The government has done well through Civil Defence in repairing the roads to a drivable level, and maintaining control of the central business district to keep it safe. There were reports of minor looting in the inner city, but these are now under control. There have been some interesting stories from the private business sector. From the triumphant story of the Crown Plaza Hotel giving its staff a year’s paid leave to more problematic scenarios of the Christchurch Casino offering staff a four week redundancy package or to remain unpaid until they reopen – which may be anytime in the next 3 months to few years. Most business have tried to honour their staff where possible, and the government has certainly helped with that, providing minimum payments for six weeks to those who lost their jobs – but then again, others don’t meet this criteria, as they were not in Christchurch when the quake happened… or they are elderly, and not employed as they are retired… or others were sick and not working… or others have had to return to look after elderly part time or others are self-employed. It’s tricky, and application criteria can be a bit hard edged – though on the other hand, Christchurch people who did receive it are very grateful to have had it.
As with many countries, New Zealand and especially the towns of the South Island have not been immune to a long standing and slow recession. Very few have savings of any degree, and many put it into their houses, now destroyed. Most were already just trying to make ends meet week to week.
Things ultimately look positive for Christchurch – the general population is trying to be upbeat, in spite of losing so much. It is a brilliant opportunity to rebuild an incredible, safe and beautiful destination city. I know the government, private business sector, councilors and the wider community are all active and keen to play their part. Sure, many will leave, as there is little in the way of work or social life – but many are unable to leave even if they wanted to. Many will stay and watch the city rebuild.
Donations will be important for a long time to come. According to Mike Allright of the Salvation Army, bottled water is crucial and important. The water rations to boil were only lifted yesterday – six weeks later – however it is full of chlorine and one more quake could create a new water shortage.
Everyone needs assistance. In the words of Reid Stiven, Operations Manager of EQC (Earthquake Commission), everyone has been impacted. “On the first earthquake we had 187,000 claims… now we have assessed houses and we over 405,000 claims – in a city of 380 000 people and about 145 000 houses. In a country of only four million, it is the largest insurance claim in history – in the world.There is no one not in need, in some way.”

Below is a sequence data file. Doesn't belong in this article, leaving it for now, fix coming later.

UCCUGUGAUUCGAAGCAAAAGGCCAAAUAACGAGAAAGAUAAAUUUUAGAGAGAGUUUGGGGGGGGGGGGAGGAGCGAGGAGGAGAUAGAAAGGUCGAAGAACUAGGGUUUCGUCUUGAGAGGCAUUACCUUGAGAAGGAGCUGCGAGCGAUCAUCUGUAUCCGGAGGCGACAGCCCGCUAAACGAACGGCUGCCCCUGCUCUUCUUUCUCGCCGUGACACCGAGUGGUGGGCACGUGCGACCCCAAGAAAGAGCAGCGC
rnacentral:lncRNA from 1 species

What is great about Canterbury is its attitude. Help others, and help those worse off than yourself. Some of the most needy don’t even see themselves as needy and are helping others when they have no income themselves. It is time to take stock and plan for a great future for this town – but it is also time perhaps for the wheels of bureaucracy to let up a bit.
Like the international community, New Zealanders have reached out their arms from around the country to help by donating or holding fundraising events. The Christchurch people have responded extremely well to this disaster. They have remained calm, stoic and a source of strength to each other. Per capita, it is one of the most impactful natural disasters in the world . Cantabrians and indeed New Zealanders can hold their head with pride for their calm handling of the quake – however pride isn’t going to pay the mounting bills for the citizens of this city. And though the hard work will continue, cash flow is needed by donations and/or investment.
Christchurch and Canterbury is still a great place to visit. Our airport is secure and fully operational. Though tourists won’t get to experience the social aspects of Christchurch so much, and may find it difficult to get accommodation for the next few months due to the bevy of engineers and destruction crews currently on the ground. But there are still all the wonderful areas that surround Christchurch – from the Skifields at Porters Heights and Mount Hutt, to Akaroa, Hanmer Hot Springs, Kaikoura and many other fine areas – all within a two hour driving distance. These also provide accommodation if you are unable to get any in Christchurch.
Christchurch is the gateway to the rest of the South Island and remains so. The city hub and half the suburbs may have been destroyed, but the Canterbury spirit lives on. And I assure you, it can’t wait to show you around.
Photos: Anna Wilding